4. Sivan Frenkel & Yuval Heller & Roee Teper, 2018. "The Endowment Effect As Blessing," International Economic Review, Department of Economics, University of Pennsylvania and Osaka University Institute of Social and Economic Research Association, vol. 59(3), pages 1159-1186, August.
    5. Häfner, Samuel, 2018. "Stable biased sampling," Games and Economic Behavior, Elsevier, vol. 107(C), pages 109-122.
    6. Kenichi Amaya, 2004. "An Evolutionary Analysis of Pre-Play Communication and Efficiency in Games," Discussion Paper Series 165, Research Institute for Economics & Business Administration, Kobe University.
    7. Lahkar, Ratul, 2019. "Elimination of non-individualistic preferences in large population aggregative games," Journal of Mathematical Economics, Elsevier, vol. 84(C), pages 150-165.
    8. Burkhard C. Schipper, 2021. "The evolutionary stability of optimism, pessimism, and complete ignorance," Theory and Decision, Springer, vol. 90(3), pages 417-454, May.
    9. Sandholm, William H., 2007. "Evolution in Bayesian games II: Stability of purified equilibria," Journal of Economic Theory, Elsevier, vol. 136(1), pages 641-667, September.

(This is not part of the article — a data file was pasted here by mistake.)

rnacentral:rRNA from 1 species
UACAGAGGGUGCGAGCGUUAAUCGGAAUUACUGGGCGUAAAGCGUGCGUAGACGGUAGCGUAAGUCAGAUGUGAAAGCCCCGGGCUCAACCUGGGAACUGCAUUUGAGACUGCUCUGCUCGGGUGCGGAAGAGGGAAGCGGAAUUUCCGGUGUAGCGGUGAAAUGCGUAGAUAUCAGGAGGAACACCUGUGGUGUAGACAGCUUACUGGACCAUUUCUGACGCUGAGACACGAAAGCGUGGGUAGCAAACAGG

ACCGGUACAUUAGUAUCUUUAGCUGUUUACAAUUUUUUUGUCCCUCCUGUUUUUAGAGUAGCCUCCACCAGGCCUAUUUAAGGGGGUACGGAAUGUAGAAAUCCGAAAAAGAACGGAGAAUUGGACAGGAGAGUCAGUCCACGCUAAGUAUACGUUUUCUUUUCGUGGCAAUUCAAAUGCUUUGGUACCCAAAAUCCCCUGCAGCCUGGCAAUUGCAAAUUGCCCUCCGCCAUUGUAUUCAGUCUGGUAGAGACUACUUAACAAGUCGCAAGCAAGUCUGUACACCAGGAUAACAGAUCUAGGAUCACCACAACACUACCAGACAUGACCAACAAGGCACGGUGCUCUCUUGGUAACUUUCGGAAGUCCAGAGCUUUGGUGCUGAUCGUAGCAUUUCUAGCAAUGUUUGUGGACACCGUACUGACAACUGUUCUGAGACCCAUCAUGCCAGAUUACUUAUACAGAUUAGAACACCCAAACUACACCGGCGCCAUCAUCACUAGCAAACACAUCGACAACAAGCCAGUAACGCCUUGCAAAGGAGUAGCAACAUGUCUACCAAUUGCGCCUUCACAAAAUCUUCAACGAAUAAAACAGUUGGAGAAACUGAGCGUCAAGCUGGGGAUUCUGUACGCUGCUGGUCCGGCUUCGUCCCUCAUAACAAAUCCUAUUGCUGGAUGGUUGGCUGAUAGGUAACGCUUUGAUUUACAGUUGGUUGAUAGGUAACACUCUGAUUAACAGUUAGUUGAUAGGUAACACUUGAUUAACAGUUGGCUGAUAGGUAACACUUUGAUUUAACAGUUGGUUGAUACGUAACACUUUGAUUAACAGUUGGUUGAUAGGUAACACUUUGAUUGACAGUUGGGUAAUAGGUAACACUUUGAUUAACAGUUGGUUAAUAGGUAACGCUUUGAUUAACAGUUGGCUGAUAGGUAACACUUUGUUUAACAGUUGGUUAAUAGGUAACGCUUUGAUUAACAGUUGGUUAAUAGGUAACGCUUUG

10. Thomas Norman, 2004. "Dynamically Stable Preferences," Economics Series Working Papers 207, University of Oxford, Department of Economics.
    11. Ingela Alger & Jörgen W. Weibull, 2019. "Evolutionary Models of Preference Formation," Annual Review of Economics, Annual Reviews, vol. 11(1), pages 329-354, August.
    12. Ely, Jeffrey C. & Sandholm, William H., 2005. "Evolution in Bayesian games I: Theory," Games and Economic Behavior, Elsevier, vol. 53(1), pages 83-109, October.
    13. Timur Kuran & William H. Sandholm, 2008. "Cultural Integration and Its Discontents," The Review of Economic Studies, Review of Economic Studies Ltd, vol. 75(1), pages 201-228.
    14. George Loginov, 2022. "Cyclical behavior of evolutionary dynamics in coordination games with changing payoffs," International Journal of Game Theory, Springer;Game Theory Society, vol. 51(1), pages 1-27, March.